|Centre students moved by New York City visit
"My city is not supposed to be this quiet"
RELEASED: November 21, 2001
DANVILLE, KYIt was in the wee hours last Sunday morning. Centre students Lauren Van Horn and Brandy Roberts were attending an international relations conference at West Point and, with some people they had meet there, decided to visit New York City.
It was everything Van Horn had remembered from her visit four years ago, and all Roberts, who was making her first visit to the Big Apple, had expected: Bright lights, lots of noise, and lots of people.
That was until they stepped off the subway near where the World Trade Center towers used to stand.
"It was like night and day," Roberts said. "The city life was normal, and then we went down to Wall Street and we were the only ones walking down the street."
Exiting the subway they immediately witnessed the effects of the Sept. 11 terrorist attacks.
The group had to tread over ash. The Merrill Lynch Bull was covered with debris.
"We were overwhelmed by the smell," Van Horn said. "There was a strong smell from where the towers had burned."
They could hear a wrecking ball hit what was left of the towers. They noticed the recovery workers, ambulances and police officers that were still there. They took in all the memorials left at the site, even seeing a few left for Kentucky natives that died during the tragedy.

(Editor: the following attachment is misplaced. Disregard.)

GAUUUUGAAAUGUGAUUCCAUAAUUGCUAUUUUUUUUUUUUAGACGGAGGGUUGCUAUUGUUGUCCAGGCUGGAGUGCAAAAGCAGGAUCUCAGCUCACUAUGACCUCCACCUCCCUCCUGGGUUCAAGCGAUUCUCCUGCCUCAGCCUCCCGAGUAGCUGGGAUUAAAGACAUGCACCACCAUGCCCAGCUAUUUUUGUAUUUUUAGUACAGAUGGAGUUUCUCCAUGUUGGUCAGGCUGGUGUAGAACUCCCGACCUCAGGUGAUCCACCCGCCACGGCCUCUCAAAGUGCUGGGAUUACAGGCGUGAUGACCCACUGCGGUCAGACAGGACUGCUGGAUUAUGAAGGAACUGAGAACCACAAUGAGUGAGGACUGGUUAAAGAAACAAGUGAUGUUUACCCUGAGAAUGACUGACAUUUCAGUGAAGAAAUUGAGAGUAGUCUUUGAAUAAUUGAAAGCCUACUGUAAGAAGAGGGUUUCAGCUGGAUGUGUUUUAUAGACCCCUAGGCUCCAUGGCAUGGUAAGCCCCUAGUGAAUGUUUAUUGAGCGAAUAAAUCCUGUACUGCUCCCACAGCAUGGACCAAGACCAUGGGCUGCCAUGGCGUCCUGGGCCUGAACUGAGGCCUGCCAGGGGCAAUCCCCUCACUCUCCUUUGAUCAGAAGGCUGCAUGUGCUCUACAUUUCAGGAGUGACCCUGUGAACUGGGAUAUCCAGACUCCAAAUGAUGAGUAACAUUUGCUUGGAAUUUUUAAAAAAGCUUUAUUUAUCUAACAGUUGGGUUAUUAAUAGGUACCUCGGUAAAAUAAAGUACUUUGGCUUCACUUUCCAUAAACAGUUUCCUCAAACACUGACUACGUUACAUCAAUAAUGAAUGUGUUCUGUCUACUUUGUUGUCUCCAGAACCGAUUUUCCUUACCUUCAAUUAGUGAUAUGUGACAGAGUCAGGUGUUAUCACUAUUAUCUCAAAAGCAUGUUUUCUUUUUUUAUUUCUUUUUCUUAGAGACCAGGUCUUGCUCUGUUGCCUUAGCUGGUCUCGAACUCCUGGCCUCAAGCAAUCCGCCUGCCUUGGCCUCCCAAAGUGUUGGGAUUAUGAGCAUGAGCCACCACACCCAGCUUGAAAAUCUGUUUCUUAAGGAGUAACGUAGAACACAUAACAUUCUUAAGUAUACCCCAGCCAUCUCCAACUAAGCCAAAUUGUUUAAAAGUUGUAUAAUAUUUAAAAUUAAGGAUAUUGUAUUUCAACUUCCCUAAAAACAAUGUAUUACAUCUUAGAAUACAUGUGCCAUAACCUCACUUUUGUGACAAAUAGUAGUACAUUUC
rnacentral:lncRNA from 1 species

"I actually saw a woman putting up a missing persons poster," Roberts said.
The students said that businesses near the site have covered up some of the windows so employees can't look out and be constantly reminded of the events that took place there two months ago.
"It was horrible," Van Horn said. "The people we were with were having a really hard time. One of them said, 'My city is not supposed to be this quiet.' "
It was a somber end to a fun and educational journey the students had made as the events of Sept. 11 had become real in a profound way.
Van Horn, an international studies junior from Frankfort, and Roberts, an international relations senior from Jackson, Tenn., attended the Student Conference on United States Affairs at the United States Military Academy Nov. 14-17 in West Point, N.Y. There were more than 300 delegates at the conference, including cadets from West Point and students from Harvard, Yale, Columbia and many other schools.
The conference brings together outstanding students from around the world to discuss major issues and formulate proposals for American foreign policy. This forum provides an excellent opportunity for students to discuss future American foreign policy in a changing world.
The participants heard addresses from senior experts, took part in round-table discussions on U.S. foreign policy, and wrote policy papers.
There were also delegates from other countries.
"At one table there was a delegate from India, and another from Pakistan," Van Horn said. "That was pretty interesting."
The students said they were happy with how they fared at the conference.
"I've never been more proud to go to Centre," Van Horn said. "It was a wonderful, thought-provoking experience."
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